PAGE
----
What does this mean in terms of the power of the woman on screen? Chopra, who had key roles in Dostana and Fashion in 2008, provides a representative example of current parameters of female stardom. In both those films, she is, by turns, frothy without being naïve, serious without being intense, and individualistic without being overpowering. With a significant number of well-written roles behind her (think Aitraaz) and more in the pipeline, Chopra’s half-girl-next-door, half-glamazon vibe seems to set a great career standard for aspiring heroines. Indeed, it’s a template that works for a significant subset of Bollywood heroines today, from Deepika Padukone to Katrina Kaif, all of whom have, in the last couple of years, played roles of varying length as smart, desirable, independent women – largely in support of their male co-stars.

Aishwarya Rai Bachchan has, to her credit, one of the two standout female roles in blockbusters of the last couple of years, the Jodhaa of Ashutosh Gowariker’s 2008 extravaganza Jodhaa-Akbar. As two suns in their own spheres, Hrithik Roshan and Bachchan’s characters achieved such independence that the film’s mushy bits - he eats vegetarian food, she studies Persian - worked best as historical events, and only secondarily in the unfolding of a romance. The other big moment belonged to Kareena Kapoor in Imtiaz Ali’s Jab We Met (2007), an unexpected little big film. Kapoor as the warm-hearted and whacko Geet chewed up the scenery and effortlessly dictated the tone and pace of the screenplay. In her daffier moments you saw echoes of Sridevi’s manic energy and timing as the Anju and Manju of Chaalbaaz, itself a throwback to the 70s Hema Malini-starrer Seeta Aur Geeta. Kapoor’s talents would make her the likeliest heir to the landmark nice-and-naughty double role, if the film were to be made a third time. But would it be? “It isn’t that you can’t find an actress who couldn’t do a Chaalbaaz today,” as Rangan says. “It’s that you can’t imagine those kind of films being made at all.”

There’s something exciting about the fact that in spite of the problematic fixation on model features and leggy lusciousness, many contemporary characters – recall Padukone’s character in Bachna Ae Haseeno – try to command respect on their own terms. Perhaps it is the backlash against the formerly passive deity, the keeper of tradition and the upholder of a restrictive set of family values, that today’s female characters resist outright worship from their men. Even the untried Taani of Rab Ne Banaa Di Jodi, played by débutante Anushka Sharma in a supporting role to the SRK spectacle, eschews the grieving goddess act after losing a fiancé and father, and tries to build a life for herself within and outside the confines of her arranged marriage. (It’s another story that her husband turns out to be the uxorious puppeteer who controls both without her knowledge.)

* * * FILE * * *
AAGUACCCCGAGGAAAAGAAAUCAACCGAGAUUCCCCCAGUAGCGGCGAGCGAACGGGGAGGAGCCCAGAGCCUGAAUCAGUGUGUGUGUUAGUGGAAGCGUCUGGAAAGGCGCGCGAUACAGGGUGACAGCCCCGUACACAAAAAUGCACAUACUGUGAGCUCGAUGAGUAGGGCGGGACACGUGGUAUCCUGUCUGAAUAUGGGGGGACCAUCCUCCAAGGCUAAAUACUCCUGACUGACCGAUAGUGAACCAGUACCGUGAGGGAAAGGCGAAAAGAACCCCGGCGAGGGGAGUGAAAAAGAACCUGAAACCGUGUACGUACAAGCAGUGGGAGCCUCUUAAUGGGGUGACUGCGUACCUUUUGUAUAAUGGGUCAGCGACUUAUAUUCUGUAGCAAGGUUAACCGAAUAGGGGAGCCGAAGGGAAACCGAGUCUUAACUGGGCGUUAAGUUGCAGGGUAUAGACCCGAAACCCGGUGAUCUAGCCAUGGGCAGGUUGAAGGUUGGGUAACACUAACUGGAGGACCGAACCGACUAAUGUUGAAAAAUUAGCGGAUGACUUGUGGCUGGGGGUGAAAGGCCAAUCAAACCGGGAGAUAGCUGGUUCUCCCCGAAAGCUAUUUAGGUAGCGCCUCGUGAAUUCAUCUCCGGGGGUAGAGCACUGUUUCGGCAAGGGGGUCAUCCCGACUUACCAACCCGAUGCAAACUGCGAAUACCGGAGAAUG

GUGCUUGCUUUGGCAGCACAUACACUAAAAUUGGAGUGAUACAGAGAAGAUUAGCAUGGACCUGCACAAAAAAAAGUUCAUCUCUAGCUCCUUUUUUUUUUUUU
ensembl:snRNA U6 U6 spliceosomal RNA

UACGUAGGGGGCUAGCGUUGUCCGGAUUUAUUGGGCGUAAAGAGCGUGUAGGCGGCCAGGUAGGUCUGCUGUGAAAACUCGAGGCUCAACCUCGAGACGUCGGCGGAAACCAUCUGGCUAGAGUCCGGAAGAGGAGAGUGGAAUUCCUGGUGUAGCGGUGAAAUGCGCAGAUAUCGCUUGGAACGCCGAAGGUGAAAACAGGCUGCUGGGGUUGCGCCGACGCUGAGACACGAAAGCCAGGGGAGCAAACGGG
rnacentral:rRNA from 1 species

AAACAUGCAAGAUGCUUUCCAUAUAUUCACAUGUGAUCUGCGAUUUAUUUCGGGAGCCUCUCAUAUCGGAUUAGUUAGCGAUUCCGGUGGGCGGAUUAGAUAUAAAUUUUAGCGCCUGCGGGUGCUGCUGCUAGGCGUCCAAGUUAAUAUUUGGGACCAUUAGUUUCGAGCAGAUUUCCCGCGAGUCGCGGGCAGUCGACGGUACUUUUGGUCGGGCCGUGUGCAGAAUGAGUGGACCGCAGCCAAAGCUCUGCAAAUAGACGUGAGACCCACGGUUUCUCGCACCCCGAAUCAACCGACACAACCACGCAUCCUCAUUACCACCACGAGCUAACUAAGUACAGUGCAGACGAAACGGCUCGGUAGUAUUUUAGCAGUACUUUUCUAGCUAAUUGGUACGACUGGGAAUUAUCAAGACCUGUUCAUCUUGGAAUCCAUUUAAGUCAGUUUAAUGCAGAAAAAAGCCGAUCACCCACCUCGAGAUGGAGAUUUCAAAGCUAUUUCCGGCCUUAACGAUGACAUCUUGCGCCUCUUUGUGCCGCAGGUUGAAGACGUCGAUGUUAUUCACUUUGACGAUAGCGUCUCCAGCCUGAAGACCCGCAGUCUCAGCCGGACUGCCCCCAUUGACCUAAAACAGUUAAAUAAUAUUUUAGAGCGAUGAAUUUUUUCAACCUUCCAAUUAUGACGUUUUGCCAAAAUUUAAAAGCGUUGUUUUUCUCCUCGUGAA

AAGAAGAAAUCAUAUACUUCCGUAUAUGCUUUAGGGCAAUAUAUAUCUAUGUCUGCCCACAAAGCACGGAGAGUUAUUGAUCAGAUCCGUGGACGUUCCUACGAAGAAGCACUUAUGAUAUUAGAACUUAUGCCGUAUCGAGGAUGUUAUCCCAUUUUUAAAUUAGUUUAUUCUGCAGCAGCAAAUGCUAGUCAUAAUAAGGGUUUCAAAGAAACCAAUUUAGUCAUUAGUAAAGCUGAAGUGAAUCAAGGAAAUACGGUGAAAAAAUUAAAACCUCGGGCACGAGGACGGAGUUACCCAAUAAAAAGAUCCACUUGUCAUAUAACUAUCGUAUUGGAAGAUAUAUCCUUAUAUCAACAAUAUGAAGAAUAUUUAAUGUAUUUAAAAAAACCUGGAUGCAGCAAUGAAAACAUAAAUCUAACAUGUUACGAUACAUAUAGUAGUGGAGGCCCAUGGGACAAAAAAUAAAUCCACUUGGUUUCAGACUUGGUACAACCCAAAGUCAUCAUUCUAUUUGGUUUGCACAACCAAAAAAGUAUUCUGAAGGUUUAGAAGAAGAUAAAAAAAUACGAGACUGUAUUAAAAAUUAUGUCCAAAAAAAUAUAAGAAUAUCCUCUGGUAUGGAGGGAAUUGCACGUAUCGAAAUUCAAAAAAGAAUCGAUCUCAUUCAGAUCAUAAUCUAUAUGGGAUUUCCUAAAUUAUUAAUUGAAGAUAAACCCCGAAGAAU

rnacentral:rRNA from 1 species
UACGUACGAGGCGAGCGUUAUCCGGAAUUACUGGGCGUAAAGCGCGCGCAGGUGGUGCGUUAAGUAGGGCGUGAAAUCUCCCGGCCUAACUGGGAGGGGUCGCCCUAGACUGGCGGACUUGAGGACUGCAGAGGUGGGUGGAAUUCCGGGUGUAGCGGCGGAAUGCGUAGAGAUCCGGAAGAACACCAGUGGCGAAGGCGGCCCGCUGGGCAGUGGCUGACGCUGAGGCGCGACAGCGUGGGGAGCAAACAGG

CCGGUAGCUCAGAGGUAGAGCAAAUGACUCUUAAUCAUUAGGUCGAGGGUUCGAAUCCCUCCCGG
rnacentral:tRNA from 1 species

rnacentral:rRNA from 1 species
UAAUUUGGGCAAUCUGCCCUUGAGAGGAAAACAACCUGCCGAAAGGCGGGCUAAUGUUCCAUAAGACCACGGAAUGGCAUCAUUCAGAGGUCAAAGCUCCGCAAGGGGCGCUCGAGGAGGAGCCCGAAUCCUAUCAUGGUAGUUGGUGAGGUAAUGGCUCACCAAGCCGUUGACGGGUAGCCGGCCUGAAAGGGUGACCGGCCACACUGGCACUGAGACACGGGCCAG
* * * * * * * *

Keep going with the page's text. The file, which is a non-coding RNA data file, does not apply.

In the minimalistic streak blazing trails through Hindi cinema’s writing today, power is normalised for female characters in ways that they weren’t in the megahits of the 90s. In terms of raw data, though, what’s missing is the sheer presence of the women who held every frame in a film, who spoke every second line, and made us like it. And it’s unfair that the difference between the trends of the last decade and this one presents the idol/real girl dichotomy as an either/or choice. In a world where women are heard less and seen less, how can they really mean more?

A parallel but more starkly unpleasant trend in Hollywood is the new gender dynamic in American comedies, in which smart, capable women are completely leached of life and initiative, and need men (and by extension, marriage and a family) to unleash their inner selves. While character tropes like the hackneyed Cinderella/prostitute of Pretty Woman and the clawless towhead of You’ve Got Mail should not be much missed, it’s hard to see stars like Julia Roberts or Meg Ryan signing on for films like 27 Dresses, or You Me and Dupree. It’s harder still to forget that Ryan would be a legend of the rom-com genre even if she had been nothing but the clever, prickly foe to Billy Crystal in late-80s classic When Harry Met Sally, or to foresee anyone today evoking the same reaction to the anti-heroine of My Best Friend’s Wedding, played as she was for neither sympathy nor derision by Roberts, who added a sharp, unlikeable edge to her signature mix of charm and vulnerability.

In spite of the stupendous success of Angelina Jolie’s action divas in films like the Tomb Raider franchise, Mr and Mrs Smith and Wanted, and that of two big and even sort of feminist (gasp!) Meryl Streep productions of recent years, The Devil Wears Prada and Mamma Mia, few Hollywood film-makers seem to have realised that the formula for a successful ‘chick flick’ isn’t to make it all about shoes and emotional inadequacy – it’s to write it well.